The corruption cases databases are a product of the staff of the International Bank for Reconstruction and Development / The World Bank. It is intended for general information purposes only. The findings, interpretations, and conclusions expressed in the Database do not necessarily reflect the views of the Executive Directors of The World Bank or the governments they represent. The World Bank does not guarantee the accuracy of the data included in this work. Neither the World Bank Group nor its officers or employees shall be liable for any losses that may result directly or indirectly from the use of or reliance upon such information.
Securities and Exchange Commission
Bangladesh, Egypt, India, Indonesia, Iraq (UN Oil-for-Food), United Arab Emirates
Internal Controls Violations, Falsification of Books and Records
No admission or denial of alleged offenses
According to the June 2011 United States Report to the OECD, "On August 23, 2007, Textron, Inc., a Rhode Island-based industrial equipment company, settled allegations with the Department of Justice and the SEC relating to kickbacks paid to the former Government of Iraq under the United Nations Oil for Food Program (OFFP). As part of a consent agreement with the SEC and a non-prosecution agreement with the Department, Textron acknowledged responsibility for kickbacks paid to the Iraqi government by its David Brown French subsidiaries in exchange for contracts worth $1,936,936 to provide industrial pumps, gears, and other equipment to Iraqi ministries under the OFFP. According to settlement documents, the subsidiaries in Textron's Fluid and Power Business Unit paid a total of more than $650,000 in kickbacks by inflating the price of contracts by 10 percent before submitting the contracts to the U.N. for approval. These kickback payments, which bypassed the U.N. escrow account, were paid by third parties to Iraqi government-controlled accounts. During the course of its own internal investigation, Textron also uncovered an additional 36 illicit payments totaling almost $115,000 that were made to officials of state-owned companies in countries other than Iraq, including the United Arab Emirates, Bangladesh, Indonesia, Egypt, and India, in order to obtain similar contracts." (Source: Report by the United States to the OECD, "Steps taken to implement and enforce the OECD Convention on Combating Bribery of Foreign Public Officials in International Business Transactions," June 2011, Textron inc. Case Summary, at 99-100.)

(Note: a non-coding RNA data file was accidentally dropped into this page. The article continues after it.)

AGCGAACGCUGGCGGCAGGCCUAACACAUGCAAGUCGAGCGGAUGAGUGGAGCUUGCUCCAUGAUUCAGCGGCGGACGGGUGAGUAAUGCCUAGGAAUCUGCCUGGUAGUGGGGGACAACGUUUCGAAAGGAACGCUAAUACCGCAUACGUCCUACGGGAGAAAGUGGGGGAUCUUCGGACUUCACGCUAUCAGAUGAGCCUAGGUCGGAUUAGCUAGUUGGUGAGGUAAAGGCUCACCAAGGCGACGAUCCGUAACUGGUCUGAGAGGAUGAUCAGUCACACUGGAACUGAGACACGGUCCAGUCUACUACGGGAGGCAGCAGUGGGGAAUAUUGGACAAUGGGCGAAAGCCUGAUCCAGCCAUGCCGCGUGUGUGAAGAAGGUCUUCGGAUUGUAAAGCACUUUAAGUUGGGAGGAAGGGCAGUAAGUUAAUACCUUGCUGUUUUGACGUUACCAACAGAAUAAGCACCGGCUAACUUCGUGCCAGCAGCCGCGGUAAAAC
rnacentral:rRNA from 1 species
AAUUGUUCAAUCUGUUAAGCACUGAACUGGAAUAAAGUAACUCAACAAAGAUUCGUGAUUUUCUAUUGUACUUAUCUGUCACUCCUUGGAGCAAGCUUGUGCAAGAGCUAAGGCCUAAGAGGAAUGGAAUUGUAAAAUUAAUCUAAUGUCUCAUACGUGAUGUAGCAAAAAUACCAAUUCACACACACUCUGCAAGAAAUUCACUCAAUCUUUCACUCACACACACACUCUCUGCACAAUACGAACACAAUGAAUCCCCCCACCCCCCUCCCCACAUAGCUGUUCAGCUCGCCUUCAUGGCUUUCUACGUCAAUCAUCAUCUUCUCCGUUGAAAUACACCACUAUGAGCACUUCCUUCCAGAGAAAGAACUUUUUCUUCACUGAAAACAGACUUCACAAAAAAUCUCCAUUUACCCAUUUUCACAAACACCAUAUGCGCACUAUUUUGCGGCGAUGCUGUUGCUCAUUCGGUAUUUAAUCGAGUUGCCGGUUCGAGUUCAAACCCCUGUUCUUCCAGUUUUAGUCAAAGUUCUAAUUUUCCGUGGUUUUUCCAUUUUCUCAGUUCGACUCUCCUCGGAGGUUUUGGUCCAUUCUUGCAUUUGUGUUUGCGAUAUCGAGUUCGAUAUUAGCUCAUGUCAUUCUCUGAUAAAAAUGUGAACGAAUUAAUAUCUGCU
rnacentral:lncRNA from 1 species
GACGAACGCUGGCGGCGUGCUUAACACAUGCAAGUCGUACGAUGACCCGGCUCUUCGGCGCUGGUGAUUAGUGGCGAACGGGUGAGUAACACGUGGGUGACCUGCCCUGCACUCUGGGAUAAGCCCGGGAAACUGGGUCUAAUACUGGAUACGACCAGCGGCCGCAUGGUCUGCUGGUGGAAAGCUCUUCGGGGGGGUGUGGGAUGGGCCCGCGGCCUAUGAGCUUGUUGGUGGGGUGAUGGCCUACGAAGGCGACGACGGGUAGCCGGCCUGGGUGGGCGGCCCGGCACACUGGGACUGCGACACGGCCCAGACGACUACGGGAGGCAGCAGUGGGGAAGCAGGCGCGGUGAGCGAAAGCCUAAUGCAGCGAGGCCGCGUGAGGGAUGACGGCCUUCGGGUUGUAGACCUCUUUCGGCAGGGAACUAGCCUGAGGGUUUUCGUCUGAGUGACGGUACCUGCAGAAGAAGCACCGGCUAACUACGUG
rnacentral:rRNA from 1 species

Report by the United States to the OECD, "Steps taken to implement and enforce the OECD Convention on Combating Bribery of Foreign Public Officials in International Business Transactions," June 2011, Textron inc. Case Summary, at 99-100, accessed at http://www.oecd.org/dataoecd/18/8/42103833.pdf. SEC v. Textron, Inc. (D.D.C.), Complaint filed on August 23, 2007 and Final Judgment filed August 31, 2007, accessed at http://fcpa.shearman.com/files/479/479ab232d795496347543f9673c118e3.pdf?i=b403e47bd0a0e0e148a9d284811430d3 and http://fcpa.shearman.com/files/2a9/2a95205e0169f1db9e04408b41e6ddc6.pdf?i=7c4b4d50118071cab831985af973acff, respectively. SEC press release accessed at; http://www.sec.gov/litigation/litreleases/2007/lr20251.htm
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